Goodyear pool tests positive for "Crypto" parasitePosted: Updated:
GOODYEAR, AZ - The following is a press release from the City of Goodyear:
The City of Goodyear shut down its swimming pool and splash pad (Tuesday) morning after tests for cryptosporidium came back positive.
City officials are in the process of super-chlorinating the pool and splash pad, and expect to keep both locations closed at least until Monday, August 4.
"We'll reopen as soon as possible," said Goodyear Deputy Director Brian Barnes. "It's inconvenient, but keeping people safe is our top priority."
After learning about crypto contamination in Phoenix pools, Goodyear voluntarily tested its pool and splash pad. To date, the City has received no reports of illness or people with symptoms of the illness.
Cryptosporidium is a parasite that can cause diarrhea, nausea and stomach cramps. It is passed through the stool of an infected person or animal.
Pools throughout the Valley, including Phoenix and Mesa, have been closed recently, after cryptosporidium sickened people or contaminated the water.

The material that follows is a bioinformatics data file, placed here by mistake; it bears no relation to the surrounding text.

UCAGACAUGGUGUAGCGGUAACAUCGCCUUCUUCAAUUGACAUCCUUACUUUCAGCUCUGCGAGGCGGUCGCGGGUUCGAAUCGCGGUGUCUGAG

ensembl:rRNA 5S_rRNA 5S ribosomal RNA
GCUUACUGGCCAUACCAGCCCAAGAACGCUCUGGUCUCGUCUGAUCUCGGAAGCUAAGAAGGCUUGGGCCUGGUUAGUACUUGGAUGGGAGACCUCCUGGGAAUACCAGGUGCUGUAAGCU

Goodyear Swimming Pool is located at 420 E. Loma Linda Blvd. The Splash Pad is located at Goodyear Community Park, 3151 N. Litchfield Rd.
Mesa Pool Information Below:
MESA -- A health scare has prompted the closure of more Valley public swimming pools.
Mesa city officials announced that they will be super-chlorinating their city pools to guard against a parasite that caused Phoenix to close its public swimming pools earlier this month.
Two Mesa pools were closed last week due to concerns over a parasite called cryptosporidium. While the pools were reopened when the water tested clear, the city isn't taking any chances.
Mesa will close each of its seven other public pools for 24 hours to treat the water.
The parasite, which goes by the shortened name and is spread through feces, can cause flu-like symptoms, including diarrhea.
This all started when several people reported getting sick after swimming in Phoenix's Starlight pool earlier this month. The city closed and treated all of its locations as a precaution. Of those who were ill, only two cases were confirmed as cryptosporidiosis.
Crypto later showed up at Tempe Splash Playground. In addition to "shocking" the pool, operators also installed a UV disinfecting system.
The Associated Press contributed to this report.